Never once has it occurred to me to express gratitude for this advice. At one level, I could argue that I am simply talking to myself, so why bother. However, on a much deeper and profound level, how can I not recognize that life itself is a gift? Where I live, my skill set, the work I do — all of it is ‘stuff’ I have been given — it is not something I earned.

Now, this seems so simple and obvious as to almost not need expressing, but somehow I’ve managed to get to 56 without really thinking about this one. I recognize that I, and I alone, have created my life. Being the self-responsibility junkie that I am, I certainly own up to the decisions I have made, as well as their consequences. Self-responsibility, however, is not the same as an ego-driven sense of imperiousness.

The cosmos is always in balance, and being — gifted — is just that — a gift. Therefore, the only possible response to a profound gift is profound gratitude.

It seems to me that gratitude transcends simply saying ‘thank you,’ although that’s a good place to start. Being ‘beyond gratitude’ is a sense of awe for life itself — for the way that things seem to come together, for the people who come into my life, for the lessons that push me deeper while calling me to soar.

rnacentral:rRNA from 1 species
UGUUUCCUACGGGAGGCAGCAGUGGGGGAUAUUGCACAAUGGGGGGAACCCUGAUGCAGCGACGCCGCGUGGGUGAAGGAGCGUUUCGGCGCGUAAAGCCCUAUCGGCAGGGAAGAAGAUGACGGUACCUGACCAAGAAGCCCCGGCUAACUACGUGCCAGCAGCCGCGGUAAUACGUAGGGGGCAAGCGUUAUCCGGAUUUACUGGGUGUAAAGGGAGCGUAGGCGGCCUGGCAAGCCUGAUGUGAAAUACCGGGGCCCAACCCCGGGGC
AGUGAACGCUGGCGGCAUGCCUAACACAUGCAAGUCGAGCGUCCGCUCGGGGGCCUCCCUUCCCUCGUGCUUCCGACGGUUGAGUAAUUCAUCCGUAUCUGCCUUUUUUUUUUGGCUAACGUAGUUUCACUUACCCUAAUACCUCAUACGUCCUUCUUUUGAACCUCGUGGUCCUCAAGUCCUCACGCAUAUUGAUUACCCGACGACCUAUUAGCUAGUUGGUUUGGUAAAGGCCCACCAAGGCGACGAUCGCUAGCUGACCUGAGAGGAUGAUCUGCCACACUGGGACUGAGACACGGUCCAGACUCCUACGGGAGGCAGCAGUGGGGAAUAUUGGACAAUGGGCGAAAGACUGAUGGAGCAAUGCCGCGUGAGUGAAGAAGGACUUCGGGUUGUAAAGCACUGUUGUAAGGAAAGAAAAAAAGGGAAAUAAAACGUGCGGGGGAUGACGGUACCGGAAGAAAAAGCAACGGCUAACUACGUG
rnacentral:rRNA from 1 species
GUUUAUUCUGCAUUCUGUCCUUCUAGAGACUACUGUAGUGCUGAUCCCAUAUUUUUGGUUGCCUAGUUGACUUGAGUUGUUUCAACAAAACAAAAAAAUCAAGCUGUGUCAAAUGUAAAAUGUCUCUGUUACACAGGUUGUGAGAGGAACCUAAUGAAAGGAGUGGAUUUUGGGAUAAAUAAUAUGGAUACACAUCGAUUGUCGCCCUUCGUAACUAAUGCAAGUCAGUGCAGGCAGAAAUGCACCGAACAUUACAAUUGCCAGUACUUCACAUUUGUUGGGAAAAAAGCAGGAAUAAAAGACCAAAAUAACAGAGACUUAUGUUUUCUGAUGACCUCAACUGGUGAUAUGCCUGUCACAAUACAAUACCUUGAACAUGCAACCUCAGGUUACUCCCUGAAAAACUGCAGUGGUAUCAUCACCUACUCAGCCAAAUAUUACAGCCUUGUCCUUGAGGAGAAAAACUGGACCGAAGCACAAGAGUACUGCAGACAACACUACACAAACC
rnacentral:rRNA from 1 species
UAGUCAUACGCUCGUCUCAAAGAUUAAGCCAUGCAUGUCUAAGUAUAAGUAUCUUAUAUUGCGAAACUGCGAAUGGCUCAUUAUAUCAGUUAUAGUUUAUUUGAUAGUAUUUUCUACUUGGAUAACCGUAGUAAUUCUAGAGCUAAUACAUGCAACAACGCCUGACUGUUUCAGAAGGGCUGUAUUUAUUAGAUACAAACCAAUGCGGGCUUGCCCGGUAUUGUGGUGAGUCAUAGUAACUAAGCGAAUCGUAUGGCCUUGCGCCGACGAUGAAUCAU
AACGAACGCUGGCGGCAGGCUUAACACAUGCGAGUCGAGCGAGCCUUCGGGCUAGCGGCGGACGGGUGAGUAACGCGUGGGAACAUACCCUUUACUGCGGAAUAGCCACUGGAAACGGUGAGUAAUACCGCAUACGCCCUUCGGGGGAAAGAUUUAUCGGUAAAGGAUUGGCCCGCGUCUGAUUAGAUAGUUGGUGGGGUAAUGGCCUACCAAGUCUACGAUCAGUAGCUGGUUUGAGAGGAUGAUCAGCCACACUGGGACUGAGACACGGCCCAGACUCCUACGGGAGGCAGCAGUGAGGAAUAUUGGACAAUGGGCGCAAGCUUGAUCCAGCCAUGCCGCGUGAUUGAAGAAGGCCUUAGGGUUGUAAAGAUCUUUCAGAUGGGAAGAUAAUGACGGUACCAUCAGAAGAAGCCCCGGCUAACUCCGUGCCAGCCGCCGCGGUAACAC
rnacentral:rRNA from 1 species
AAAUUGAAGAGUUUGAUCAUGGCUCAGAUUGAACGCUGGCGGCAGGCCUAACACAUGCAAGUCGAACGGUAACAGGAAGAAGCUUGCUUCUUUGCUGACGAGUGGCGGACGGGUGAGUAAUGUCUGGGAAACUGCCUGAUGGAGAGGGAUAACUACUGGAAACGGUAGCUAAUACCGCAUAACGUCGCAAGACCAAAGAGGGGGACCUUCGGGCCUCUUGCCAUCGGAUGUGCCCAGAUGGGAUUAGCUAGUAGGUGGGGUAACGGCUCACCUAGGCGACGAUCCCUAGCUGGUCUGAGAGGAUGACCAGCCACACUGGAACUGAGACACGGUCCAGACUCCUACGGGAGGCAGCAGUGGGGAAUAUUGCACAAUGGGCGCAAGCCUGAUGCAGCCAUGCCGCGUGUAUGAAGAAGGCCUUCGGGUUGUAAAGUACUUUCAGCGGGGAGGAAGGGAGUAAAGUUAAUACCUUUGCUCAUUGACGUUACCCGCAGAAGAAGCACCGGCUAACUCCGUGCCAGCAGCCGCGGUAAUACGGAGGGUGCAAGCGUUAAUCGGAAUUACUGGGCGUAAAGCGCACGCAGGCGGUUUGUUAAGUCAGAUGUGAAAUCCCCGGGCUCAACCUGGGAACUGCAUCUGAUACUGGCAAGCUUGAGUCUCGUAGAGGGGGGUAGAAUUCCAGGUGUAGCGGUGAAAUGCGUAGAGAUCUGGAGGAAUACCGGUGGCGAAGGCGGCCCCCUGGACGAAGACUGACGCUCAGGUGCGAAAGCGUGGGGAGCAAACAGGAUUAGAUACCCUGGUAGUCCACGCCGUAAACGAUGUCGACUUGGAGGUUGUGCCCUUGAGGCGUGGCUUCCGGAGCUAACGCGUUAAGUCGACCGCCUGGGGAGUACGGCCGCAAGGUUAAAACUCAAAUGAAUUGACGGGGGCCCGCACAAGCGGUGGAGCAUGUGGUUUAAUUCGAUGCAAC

Now, let’s turn our attention to the other aspect of this topic — those who see their gifts as a burden. In this case, the complaint is that with the gift (talents, abilities) comes an implicit demand to use the gift. Rather than delighting in the opportunity the gift presents, the recipient resents or attempts to ignore the gift. Remember: there is no lightening bolt from the sky, no punishment for ignoring one’s gifts. There is just an underlying sense of sadness, incompleteness, and regret.

I suspect the way out of all of this is to remind oneself of the blessing that comes for living gratefully. I am not turning this into one more obligation. It just seems to me that opening one’s eyes in the morning and expressing gratitude for another day is a start. Lying in bed at night and remembering the blessings of the day is heading in the right direction.

I wear a wrist Mala (Buddhist prayer beads) and take it off at night. I have taken to expressing my gratitude taking the Mala off at night and putting it on each morning.

Reminders are helpful, as gratitude is not natural for many of us.

At some level, acknowledging the mystery and giftedness of our lives is a powerful tool that brings us deeper. To acknowledge that much of life is out of our control, and equally out of our creation, is humbling in a good way. This is reflected in John Lennon’s lyric, “Life is what happens to us while we are busy making other plans.” Much in life that exists just out of view, and is best seen out of the corner of our eye, or heard in “left ear whispers.”

The universe itself is a gift to us, as is each moment of our lives. Acknowledgment is required, and its form is unceasing gratitude.

About the Author: Wayne C. Allen is the web\‘s Simple Zen Guy. Wayne was a Private Practice Counsellor in Ontario until June of 2013. Wayne is the author of five books, the latest being The. Best. Relationship. Ever. See: –The Phoenix Centre Press